This week, New Jersey governor Phil Murphy signed into law a bill that would allow undocumented immigrants in the state to access state financial aid for college. With it, New Jersey now joins 9 other states with some guarantee that a student’s immigration status will not preclude them from receiving state grant and scholarship aid to pay for college.
Given the absence of congressional (or White House) leadership that would protect DREAMers or clear a pathway to citizenship for undocumented immigrants, this is a no-brainer for progressive lawmakers and governors. It’s good policy to boot; allowing all immigrants to study, work hard, and contribute to the economy would boost wages and tax revenue, ideally creating shared prosperity for states and localities.
At the same time, New Jersey has been the scene of some debate about how, and even whether, to guarantee affordable community college.
In his first budget proposal, Gov. Murphy included $50 million to eliminate tuition for families making under $45,000 annually, with the intention of making community college tuition-free for all residents within 3 years.
This proposal has real value, given that it targets the initial investment at the working class, includes all students (not just recent high school graduates) and doesn’t include some of the silly and counterproductive bells and whistles that other states have included in their tuition-free college proposals.
But a few weeks ago, Politico and local outlets reported on some reticence by state Democratic lawmakers, some of whom proposed watering down the proposal with so-called “merit” requirements, while others questioned the need for free community college in the first place.
This is unfortunate. A down payment on tuition-free college is great first step in ensuring that a student’s educational opportunity is no longer connected with their family’s wealth and should be part of any serious policy agenda that attempts to reduce unmet financial need for working class students.
Tacking on requirements like GPA or test score minimums inevitably harms the very working-class students that community colleges were created to serve. It undermines the universal access mission of community college and creates confusing rules that invariably benefit higher-income families. Time and again, merit requirements have proven little more than a way to ration financial aid away from students of color and those with fewer financial resources, furthering an unhelpful narrative that splits students into 2 camps: “deserving and undeserving.”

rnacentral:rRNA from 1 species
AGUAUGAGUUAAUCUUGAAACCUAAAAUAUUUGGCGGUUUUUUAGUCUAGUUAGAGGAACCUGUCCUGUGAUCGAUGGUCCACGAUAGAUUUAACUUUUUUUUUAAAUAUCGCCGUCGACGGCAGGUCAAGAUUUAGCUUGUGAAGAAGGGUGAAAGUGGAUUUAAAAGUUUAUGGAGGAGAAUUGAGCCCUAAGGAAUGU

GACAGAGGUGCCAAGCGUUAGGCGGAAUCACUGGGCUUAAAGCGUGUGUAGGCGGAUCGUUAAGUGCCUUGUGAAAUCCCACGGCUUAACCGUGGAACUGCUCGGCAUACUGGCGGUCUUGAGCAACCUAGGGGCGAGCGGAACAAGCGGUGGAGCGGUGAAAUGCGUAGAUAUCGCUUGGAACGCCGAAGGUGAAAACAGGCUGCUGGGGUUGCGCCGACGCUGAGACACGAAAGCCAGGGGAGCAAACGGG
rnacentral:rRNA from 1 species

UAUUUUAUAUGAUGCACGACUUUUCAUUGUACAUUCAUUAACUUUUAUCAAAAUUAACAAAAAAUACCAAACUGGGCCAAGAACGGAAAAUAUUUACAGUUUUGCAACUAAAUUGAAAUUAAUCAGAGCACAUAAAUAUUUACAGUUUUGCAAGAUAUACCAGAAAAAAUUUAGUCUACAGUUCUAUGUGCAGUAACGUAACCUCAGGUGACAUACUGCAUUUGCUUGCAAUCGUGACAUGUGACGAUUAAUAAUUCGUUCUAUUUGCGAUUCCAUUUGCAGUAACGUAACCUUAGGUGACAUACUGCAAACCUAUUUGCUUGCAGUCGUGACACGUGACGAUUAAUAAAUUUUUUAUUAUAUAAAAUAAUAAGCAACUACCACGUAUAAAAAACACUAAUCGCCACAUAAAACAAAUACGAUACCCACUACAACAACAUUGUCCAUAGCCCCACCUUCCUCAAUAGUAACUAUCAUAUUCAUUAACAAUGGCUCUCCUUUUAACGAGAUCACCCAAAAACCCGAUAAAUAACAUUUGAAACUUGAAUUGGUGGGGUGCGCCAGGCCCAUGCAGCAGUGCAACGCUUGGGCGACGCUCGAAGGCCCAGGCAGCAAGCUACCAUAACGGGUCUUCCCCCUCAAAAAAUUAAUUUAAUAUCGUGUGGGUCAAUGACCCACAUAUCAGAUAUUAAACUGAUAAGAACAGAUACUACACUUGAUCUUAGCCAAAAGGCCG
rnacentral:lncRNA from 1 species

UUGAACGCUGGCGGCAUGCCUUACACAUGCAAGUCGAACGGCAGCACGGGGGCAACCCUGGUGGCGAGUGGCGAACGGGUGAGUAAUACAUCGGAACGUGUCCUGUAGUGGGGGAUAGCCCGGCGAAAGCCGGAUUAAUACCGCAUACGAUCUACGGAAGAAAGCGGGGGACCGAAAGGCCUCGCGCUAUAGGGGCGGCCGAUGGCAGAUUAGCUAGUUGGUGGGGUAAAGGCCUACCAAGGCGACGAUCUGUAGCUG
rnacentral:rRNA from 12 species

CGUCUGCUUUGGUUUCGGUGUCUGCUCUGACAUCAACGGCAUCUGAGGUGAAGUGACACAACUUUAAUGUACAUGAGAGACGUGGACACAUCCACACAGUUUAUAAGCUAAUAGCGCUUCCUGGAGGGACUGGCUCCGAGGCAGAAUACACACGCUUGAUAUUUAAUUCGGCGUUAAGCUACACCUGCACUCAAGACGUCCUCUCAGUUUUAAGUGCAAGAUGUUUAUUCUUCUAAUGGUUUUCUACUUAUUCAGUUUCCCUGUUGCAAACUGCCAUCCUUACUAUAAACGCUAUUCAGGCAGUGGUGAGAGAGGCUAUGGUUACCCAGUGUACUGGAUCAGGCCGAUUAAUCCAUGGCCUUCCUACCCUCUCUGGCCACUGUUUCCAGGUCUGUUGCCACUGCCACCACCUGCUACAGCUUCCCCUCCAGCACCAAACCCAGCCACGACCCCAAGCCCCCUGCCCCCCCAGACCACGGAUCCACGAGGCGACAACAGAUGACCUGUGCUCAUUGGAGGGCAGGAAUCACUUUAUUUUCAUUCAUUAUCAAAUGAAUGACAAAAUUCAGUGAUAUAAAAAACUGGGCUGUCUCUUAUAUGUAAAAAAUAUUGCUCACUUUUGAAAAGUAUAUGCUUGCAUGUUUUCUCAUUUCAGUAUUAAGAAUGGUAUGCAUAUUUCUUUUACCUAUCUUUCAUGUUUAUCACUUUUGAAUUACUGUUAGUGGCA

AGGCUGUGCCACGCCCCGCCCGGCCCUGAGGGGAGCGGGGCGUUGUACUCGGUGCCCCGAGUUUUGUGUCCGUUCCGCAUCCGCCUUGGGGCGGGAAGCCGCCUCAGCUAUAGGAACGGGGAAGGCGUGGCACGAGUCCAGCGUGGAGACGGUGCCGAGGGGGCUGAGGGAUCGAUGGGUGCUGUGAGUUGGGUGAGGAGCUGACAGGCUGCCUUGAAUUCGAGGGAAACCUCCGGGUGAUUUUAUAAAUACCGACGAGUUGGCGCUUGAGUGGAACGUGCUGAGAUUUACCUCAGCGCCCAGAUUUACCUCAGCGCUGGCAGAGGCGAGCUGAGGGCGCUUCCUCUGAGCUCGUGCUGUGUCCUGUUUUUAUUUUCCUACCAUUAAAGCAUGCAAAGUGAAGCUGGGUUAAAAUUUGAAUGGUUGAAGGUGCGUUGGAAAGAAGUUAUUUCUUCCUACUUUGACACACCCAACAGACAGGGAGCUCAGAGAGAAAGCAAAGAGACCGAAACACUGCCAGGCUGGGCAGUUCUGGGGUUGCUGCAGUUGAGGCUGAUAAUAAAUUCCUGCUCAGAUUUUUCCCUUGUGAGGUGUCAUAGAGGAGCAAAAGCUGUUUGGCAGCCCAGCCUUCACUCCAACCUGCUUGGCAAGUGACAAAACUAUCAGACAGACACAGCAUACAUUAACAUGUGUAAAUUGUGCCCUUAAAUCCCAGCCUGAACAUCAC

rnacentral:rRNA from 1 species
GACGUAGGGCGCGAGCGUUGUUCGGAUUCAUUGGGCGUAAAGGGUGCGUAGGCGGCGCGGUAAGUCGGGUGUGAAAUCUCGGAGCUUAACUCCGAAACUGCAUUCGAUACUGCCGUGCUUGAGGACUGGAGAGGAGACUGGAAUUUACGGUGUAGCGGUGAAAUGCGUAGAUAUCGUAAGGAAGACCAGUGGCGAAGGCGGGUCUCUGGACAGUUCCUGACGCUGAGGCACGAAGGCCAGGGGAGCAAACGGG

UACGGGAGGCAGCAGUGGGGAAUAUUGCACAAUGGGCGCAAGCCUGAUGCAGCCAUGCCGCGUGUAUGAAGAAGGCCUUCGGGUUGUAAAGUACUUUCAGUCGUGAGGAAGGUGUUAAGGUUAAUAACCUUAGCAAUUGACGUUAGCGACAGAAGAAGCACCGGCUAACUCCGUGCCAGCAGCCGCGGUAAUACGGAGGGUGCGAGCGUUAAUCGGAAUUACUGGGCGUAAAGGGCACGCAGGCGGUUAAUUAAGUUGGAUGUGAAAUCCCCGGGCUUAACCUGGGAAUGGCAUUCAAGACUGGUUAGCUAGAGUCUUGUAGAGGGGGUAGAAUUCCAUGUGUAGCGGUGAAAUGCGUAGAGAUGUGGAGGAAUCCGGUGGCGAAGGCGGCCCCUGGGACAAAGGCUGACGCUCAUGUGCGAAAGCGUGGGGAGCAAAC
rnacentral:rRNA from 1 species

Other lawmakers (including some Democrats) have reiterated tired, right-wing arguments about students needing to pay for college lest they take college for granted. This is belied by the fact that students are already working, on average, far more than the recommended amount while in college; in New Jersey, students have to work over 15 hours a week in addition to attending school full-time to meet the average net price of public 2-year schools. It ignores the fact that an overwhelming number of community college students struggle with food insecurity. Removing financial barriers to college makes it so students can pay more, not less, attention to their studies.
Other requirements, like those dictating that some students need to stay in state for years after graduating (or risk having “free college” turn into a loan), would create a logistical nightmare for the state with little additional benefit. By definition, the state would have to administer an entirely new financial product for people who no longer live in their state because of a job opportunity or family reason.
Rather than excluding students, progressive states like New Jersey have an opportunity to lead and expand the universe of the possible on issues like free college. Instead of debating how to ration a program with broad political support, New Jersey lawmakers (not to mention lawmakers in other states) should be focusing how to offer an affordability guarantee while putting even more resources into institutions that serve over half of the state’s students on a pathway to a degree.
Across the country, community colleges are doing the yeoman’s work of educating working-class students, and doing so at lower cost with far fewer state and federal resources at their disposal. It’s time for progressive lawmakers to offer a strong defense of these institutions, reinforcing their mission of universal access (regardless of family background, race, immigration status) and offering a model for our other laboratories of democracy.